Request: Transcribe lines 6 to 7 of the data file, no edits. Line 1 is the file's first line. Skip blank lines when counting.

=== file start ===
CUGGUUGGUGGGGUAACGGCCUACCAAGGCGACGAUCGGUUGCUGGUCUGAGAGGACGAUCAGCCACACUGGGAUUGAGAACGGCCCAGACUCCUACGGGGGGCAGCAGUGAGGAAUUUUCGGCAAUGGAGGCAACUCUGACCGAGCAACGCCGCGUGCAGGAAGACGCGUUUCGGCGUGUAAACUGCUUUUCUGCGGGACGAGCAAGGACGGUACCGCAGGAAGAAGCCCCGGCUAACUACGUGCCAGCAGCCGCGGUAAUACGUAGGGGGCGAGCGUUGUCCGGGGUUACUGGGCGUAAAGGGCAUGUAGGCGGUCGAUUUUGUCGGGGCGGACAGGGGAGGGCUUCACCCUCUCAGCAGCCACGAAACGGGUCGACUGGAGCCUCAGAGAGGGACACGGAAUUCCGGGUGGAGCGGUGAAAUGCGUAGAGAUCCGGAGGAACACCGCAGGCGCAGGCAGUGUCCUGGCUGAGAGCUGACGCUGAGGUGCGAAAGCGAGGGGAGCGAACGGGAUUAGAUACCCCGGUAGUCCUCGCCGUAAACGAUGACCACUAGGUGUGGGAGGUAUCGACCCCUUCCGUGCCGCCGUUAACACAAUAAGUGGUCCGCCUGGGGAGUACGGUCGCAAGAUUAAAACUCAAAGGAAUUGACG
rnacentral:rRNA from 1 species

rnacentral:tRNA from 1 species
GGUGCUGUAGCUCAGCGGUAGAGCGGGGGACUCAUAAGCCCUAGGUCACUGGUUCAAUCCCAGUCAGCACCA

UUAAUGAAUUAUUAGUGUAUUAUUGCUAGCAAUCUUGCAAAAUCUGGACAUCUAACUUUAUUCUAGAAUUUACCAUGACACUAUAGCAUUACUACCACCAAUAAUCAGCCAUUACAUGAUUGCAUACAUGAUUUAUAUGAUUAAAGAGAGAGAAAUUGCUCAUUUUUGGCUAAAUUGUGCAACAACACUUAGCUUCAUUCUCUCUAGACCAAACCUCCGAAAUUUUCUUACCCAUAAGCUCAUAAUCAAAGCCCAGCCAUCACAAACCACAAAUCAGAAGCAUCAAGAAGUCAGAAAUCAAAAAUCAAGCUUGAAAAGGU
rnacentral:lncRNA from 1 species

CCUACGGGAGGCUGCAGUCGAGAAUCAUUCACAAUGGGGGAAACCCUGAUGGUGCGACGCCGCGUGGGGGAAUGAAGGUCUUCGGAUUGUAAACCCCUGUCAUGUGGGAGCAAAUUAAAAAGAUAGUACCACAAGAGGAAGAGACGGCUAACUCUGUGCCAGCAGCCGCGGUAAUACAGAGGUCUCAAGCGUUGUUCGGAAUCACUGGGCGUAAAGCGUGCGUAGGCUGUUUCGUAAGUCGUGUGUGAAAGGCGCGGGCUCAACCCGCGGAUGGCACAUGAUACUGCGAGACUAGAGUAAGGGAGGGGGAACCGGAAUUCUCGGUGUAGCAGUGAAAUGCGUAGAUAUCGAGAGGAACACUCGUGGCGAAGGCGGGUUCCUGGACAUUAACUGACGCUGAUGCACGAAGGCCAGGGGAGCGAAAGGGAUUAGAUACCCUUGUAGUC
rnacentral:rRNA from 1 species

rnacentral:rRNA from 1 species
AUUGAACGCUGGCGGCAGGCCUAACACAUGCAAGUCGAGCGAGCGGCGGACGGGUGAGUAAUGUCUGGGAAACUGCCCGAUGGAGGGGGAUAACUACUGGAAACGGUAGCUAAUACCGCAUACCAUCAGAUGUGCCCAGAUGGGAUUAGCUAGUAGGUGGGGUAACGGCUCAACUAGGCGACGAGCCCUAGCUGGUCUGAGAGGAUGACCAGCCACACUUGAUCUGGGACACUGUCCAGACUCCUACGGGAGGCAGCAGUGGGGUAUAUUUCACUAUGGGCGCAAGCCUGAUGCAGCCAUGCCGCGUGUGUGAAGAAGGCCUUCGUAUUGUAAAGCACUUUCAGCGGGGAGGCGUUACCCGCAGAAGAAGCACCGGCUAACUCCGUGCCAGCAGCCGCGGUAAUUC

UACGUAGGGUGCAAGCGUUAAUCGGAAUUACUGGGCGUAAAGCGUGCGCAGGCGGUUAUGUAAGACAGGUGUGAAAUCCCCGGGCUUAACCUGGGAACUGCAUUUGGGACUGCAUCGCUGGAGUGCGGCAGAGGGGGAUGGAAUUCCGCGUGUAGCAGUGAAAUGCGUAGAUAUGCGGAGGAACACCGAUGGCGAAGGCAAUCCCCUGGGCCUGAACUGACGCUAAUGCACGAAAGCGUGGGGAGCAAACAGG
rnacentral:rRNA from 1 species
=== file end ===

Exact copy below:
rnacentral:lncRNA from 1 species

CCUACGGGAGGCUGCAGUCGAGAAUCAUUCACAAUGGGGGAAACCCUGAUGGUGCGACGCCGCGUGGGGGAAUGAAGGUCUUCGGAUUGUAAACCCCUGUCAUGUGGGAGCAAAUUAAAAAGAUAGUACCACAAGAGGAAGAGACGGCUAACUCUGUGCCAGCAGCCGCGGUAAUACAGAGGUCUCAAGCGUUGUUCGGAAUCACUGGGCGUAAAGCGUGCGUAGGCUGUUUCGUAAGUCGUGUGUGAAAGGCGCGGGCUCAACCCGCGGAUGGCACAUGAUACUGCGAGACUAGAGUAAGGGAGGGGGAACCGGAAUUCUCGGUGUAGCAGUGAAAUGCGUAGAUAUCGAGAGGAACACUCGUGGCGAAGGCGGGUUCCUGGACAUUAACUGACGCUGAUGCACGAAGGCCAGGGGAGCGAAAGGGAUUAGAUACCCUUGUAGUC